The Way I See It!

I am an Ultra-Conservative, Alpha-Male, True Authentic Leader, Type "C" Personality, who is very active in my community; whether it is donating time, clothes or money for Project Concern or going to Common Council meetings and voicing my opinions. As a blogger, I intend to provide a different viewpoint "The way I see it!" on various world, national and local issues with a few helpful tips & tidbits sprinkled in.

Walker, Budget Repair & Public Sector Unions

America, Union, Wisconsin, Scott Walker

From the Chicago Tribune


Lost: The common good


Wisconsin Gov. Scott Walker has demanded that state workers contribute roughly 5.8 percent of their wages toward their retirement.  He wants them to pay for 12 percent of their health-care premiums.  Those modest employee contributions would be the envy of many workers in the private sector.


Walker wants government officials to have authority to reshape public-employee benefits without collective bargaining.  Walker wouldn't remove the right of unions to bargain for wages.


No, he is not seeking to eliminate unions, though you might get that impression from the heated rhetoric of the employees and even from President Barack Obama, who called this an "assault on unions."


Walker is trying to give Wisconsin a reality check.  In response, public workers have interrupted the Legislature.  Madison and many neighboring public schools have closed because so many teachers called in sick and left to join the protest.  Democratic lawmakers disappeared on Thursday to stall a vote on the budget measures.  Apparently some of them fled to … Illinois.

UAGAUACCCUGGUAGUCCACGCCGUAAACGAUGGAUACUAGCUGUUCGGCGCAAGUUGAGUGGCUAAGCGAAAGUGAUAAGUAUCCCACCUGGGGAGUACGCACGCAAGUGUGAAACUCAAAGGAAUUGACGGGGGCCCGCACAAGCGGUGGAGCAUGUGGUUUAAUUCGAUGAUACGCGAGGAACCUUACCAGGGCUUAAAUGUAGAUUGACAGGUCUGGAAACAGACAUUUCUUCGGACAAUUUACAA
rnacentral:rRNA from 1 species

Public sentiment is changing.  There is a growing sense that public-sector unions are not battling for better, safer workplaces.  They're not battling unscrupulous employers.  They're battling … the common good.


New Jersey Gov. Chris Christie became an Internet sensation when he confronted a teacher in an argument caught on video.  A recent Quinnipiac University survey in New Jersey showed that citizens overwhelmingly support layoffs and wage freezes for public employees to save the state government from fiscal disaster.  The poll found 62 percent of New Jersey voters had a favorable view of teachers, but only 27 percent had a favorable view of the state's largest teachers union.